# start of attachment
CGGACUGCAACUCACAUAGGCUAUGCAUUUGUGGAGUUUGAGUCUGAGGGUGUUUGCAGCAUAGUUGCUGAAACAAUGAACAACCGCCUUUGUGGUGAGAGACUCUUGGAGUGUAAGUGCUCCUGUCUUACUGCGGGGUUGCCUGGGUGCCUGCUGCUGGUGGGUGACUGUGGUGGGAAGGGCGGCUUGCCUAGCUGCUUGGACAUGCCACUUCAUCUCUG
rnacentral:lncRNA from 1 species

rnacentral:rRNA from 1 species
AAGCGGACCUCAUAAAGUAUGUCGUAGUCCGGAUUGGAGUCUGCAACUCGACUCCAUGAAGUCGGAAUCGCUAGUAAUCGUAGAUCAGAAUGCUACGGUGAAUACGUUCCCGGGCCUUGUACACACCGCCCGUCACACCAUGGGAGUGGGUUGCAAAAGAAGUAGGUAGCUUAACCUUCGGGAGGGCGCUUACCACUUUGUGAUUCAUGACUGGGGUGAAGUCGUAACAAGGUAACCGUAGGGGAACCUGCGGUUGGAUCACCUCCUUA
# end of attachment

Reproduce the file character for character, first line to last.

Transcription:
CGGACUGCAACUCACAUAGGCUAUGCAUUUGUGGAGUUUGAGUCUGAGGGUGUUUGCAGCAUAGUUGCUGAAACAAUGAACAACCGCCUUUGUGGUGAGAGACUCUUGGAGUGUAAGUGCUCCUGUCUUACUGCGGGGUUGCCUGGGUGCCUGCUGCUGGUGGGUGACUGUGGUGGGAAGGGCGGCUUGCCUAGCUGCUUGGACAUGCCACUUCAUCUCUG
rnacentral:lncRNA from 1 species

rnacentral:rRNA from 1 species
AAGCGGACCUCAUAAAGUAUGUCGUAGUCCGGAUUGGAGUCUGCAACUCGACUCCAUGAAGUCGGAAUCGCUAGUAAUCGUAGAUCAGAAUGCUACGGUGAAUACGUUCCCGGGCCUUGUACACACCGCCCGUCACACCAUGGGAGUGGGUUGCAAAAGAAGUAGGUAGCUUAACCUUCGGGAGGGCGCUUACCACUUUGUGAUUCAUGACUGGGGUGAAGUCGUAACAAGGUAACCGUAGGGGAACCUGCGGUUGGAUCACCUCCUUA